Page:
Dylan macros allow you to create new control constructs and other high-level forms. They can be used to automatically release resources, simplify class creation, or adapt Dylan for a specific problem domain.

Let’s say you find this code a little too verbose:

if (test())
  f1(many, arguments, here)
  long-function-name(and, more, args)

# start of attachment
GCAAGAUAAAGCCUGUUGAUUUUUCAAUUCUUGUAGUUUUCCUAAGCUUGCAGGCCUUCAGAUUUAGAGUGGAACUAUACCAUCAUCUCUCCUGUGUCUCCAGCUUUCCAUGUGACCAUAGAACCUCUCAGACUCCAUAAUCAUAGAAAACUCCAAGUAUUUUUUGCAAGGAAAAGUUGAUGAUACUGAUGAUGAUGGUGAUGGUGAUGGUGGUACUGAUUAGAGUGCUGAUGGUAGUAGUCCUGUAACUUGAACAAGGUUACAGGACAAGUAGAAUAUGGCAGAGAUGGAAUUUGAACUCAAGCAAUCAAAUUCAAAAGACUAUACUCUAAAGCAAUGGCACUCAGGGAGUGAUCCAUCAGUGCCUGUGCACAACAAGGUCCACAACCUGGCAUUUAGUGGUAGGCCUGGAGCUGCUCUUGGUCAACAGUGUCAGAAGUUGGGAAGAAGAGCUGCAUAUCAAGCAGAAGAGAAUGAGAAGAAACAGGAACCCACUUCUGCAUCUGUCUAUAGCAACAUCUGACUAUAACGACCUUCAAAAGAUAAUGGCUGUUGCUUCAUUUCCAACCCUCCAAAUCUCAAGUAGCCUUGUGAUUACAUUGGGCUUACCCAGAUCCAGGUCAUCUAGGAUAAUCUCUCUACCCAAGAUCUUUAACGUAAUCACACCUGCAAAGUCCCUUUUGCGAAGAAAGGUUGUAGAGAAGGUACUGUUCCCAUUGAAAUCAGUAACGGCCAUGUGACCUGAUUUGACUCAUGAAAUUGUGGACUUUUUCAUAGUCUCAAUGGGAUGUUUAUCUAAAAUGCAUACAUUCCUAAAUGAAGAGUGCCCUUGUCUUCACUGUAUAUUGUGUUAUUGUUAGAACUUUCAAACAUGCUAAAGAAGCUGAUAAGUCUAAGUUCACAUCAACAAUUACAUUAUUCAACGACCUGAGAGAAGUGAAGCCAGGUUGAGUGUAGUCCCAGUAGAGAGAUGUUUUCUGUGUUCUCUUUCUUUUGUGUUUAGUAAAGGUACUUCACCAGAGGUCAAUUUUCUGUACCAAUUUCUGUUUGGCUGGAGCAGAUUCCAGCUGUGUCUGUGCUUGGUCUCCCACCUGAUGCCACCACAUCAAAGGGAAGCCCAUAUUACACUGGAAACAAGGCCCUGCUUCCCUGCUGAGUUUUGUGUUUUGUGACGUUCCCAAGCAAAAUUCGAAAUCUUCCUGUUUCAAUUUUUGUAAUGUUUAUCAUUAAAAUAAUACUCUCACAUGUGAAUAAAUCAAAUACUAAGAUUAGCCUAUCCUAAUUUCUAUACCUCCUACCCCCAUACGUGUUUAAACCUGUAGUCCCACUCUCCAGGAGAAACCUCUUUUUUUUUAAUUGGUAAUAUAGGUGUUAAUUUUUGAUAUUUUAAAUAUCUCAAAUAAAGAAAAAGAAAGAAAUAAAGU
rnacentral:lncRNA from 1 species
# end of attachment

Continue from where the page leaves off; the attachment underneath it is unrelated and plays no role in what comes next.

and you’d rather be able to write it this way:

    f1(many, arguments, here),
    long-function-name(and, more, args))

You can’t just define iff as a function because then the calls to both f1 and long-function-name will be evaluated. Instead, you can write a macro:

define macro iff
    { iff(?test:expression, ?true:expression, ?false:expression) }
 => { if (?test) ?true else ?false end }

See also: